• Viewport
This defines how the Web page will be displayed and should be set as shown according to the Apple guidelines. You will need to make sure that your buttons and images are large enough because the user will not be able to zoom the page.
  • apple-mobile-web-app-capable
This tag makes the web page run in full screen mode. The browser navigation bars are hidden
  • apple-mobile-web-app-status-bar-style
Displays a black status bar at the top of the phone. Less obtrusive I guess.

This is the start of the HTML file with the meta tags defined
<html manifest="manifest.appcache">
        <meta charset="utf-8" />
        <meta name="viewport" content="initial-scale=1.0, user-scalable=no" />
        <meta name="apple-mobile-web-app-capable" content="yes" />
        <meta name="apple-mobile-web-app-status-bar-style" content="black" />

Application Icon
To make an application icon, you need to create a 114x114 pixel png image. iOS will take care of rounding the corners and applying the “shine”. 

Finally to cache the app, you need a manifest file. Make sure that your web server serves up the manifest file with MIME type “text/cache-manifest” for this to work. For IIS Express, you edit the application.config file to add the file type. For other servers – your mileage may vary.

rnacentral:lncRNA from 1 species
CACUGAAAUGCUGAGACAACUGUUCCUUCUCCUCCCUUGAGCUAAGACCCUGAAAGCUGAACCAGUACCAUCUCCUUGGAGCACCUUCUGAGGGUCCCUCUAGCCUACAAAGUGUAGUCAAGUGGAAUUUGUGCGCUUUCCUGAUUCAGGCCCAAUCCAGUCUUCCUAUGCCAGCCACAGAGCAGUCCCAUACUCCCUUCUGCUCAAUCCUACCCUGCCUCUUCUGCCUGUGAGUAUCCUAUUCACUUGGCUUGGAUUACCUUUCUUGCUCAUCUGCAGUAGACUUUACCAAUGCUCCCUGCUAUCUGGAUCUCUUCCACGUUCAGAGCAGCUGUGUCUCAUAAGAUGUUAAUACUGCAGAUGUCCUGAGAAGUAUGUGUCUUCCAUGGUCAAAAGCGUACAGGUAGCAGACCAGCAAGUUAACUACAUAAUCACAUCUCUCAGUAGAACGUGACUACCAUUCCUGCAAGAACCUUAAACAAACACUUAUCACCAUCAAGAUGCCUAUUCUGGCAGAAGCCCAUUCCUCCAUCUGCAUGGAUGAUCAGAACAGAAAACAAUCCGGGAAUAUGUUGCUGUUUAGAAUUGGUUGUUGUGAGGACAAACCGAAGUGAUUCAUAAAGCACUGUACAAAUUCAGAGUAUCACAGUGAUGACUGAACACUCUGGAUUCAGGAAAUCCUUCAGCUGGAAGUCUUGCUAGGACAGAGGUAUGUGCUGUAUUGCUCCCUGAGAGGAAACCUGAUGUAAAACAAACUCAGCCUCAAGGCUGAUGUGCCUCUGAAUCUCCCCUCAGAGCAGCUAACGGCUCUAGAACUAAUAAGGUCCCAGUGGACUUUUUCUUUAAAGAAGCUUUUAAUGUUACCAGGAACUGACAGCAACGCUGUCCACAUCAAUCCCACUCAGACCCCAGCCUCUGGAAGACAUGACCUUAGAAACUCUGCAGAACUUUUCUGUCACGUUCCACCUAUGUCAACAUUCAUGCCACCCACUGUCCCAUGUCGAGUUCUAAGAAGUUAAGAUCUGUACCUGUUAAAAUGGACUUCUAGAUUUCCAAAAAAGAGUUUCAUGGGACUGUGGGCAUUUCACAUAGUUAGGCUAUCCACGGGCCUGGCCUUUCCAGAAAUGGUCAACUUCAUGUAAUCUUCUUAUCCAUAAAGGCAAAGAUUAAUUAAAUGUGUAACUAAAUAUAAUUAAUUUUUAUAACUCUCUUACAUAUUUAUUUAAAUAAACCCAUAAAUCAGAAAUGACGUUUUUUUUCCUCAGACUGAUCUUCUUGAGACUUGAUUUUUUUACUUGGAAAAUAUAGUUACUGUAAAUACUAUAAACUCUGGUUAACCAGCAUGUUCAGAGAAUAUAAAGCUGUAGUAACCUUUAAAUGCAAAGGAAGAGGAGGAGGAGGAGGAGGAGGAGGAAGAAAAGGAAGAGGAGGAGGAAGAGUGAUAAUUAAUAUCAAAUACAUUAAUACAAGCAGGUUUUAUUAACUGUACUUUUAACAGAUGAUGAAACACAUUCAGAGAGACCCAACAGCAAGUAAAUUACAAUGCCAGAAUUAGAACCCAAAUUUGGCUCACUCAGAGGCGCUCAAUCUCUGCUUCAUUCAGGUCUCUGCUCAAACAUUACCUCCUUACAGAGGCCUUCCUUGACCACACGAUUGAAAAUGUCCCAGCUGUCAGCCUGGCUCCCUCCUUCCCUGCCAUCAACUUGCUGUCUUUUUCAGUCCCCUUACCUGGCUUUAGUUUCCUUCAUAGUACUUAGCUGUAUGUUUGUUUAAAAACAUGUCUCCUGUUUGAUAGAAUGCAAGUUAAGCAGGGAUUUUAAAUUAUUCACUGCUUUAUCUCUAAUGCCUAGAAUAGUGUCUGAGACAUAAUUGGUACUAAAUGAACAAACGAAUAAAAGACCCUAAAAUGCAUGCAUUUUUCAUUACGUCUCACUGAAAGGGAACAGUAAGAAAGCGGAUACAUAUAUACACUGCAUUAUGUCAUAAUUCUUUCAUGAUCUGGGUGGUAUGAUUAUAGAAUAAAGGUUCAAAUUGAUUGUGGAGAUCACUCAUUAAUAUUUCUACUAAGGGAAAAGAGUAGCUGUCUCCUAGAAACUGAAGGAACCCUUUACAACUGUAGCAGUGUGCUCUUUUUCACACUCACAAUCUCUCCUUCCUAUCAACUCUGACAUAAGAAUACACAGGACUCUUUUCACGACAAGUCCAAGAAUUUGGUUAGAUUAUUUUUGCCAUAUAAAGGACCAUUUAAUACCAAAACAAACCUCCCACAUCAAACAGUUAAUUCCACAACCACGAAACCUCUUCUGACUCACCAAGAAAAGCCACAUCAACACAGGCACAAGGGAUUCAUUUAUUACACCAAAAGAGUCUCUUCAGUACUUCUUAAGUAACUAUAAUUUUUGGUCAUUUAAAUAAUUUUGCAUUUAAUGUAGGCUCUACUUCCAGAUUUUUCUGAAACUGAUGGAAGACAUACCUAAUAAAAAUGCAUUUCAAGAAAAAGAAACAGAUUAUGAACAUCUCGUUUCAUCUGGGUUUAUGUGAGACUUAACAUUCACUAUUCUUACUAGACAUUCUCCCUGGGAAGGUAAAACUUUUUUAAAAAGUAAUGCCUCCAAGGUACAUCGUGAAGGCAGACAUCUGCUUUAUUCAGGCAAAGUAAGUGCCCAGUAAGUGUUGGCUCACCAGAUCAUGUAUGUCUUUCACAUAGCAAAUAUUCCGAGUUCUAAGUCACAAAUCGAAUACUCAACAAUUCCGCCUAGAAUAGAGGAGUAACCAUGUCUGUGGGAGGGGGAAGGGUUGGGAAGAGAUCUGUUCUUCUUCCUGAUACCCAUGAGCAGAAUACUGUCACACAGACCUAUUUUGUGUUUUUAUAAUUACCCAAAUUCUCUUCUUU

The HTML App will load with the last loaded version of the image and HTML files from cache. If network connectivity is available, the browser will check the status of the manifest file on the server. If the manifest file has changed, the new files will be loaded. This is useful during development when files are being updated – you can change the version number within the manifest file to force new files to be loaded and cached. However, sometimes you have to manually clear the cache to get new files to load. Just something that happens that you need to be aware of. I also found it easier during debugging to eliminate the manifest statement. Once the file is debugged, you can work with the cache version.
The manifest file has two sections – files that will be cached and files that will be loaded from the network. For this app, we cache all files and leave the NETWORK section empty.


#version 3.3




The version number is a trigger to the web browser to load new versions of the file.  I found a good blog entry that covers this at if you need more information about running HTML Apps on the iPhone.

Step 8: The HTML App – Walkthrough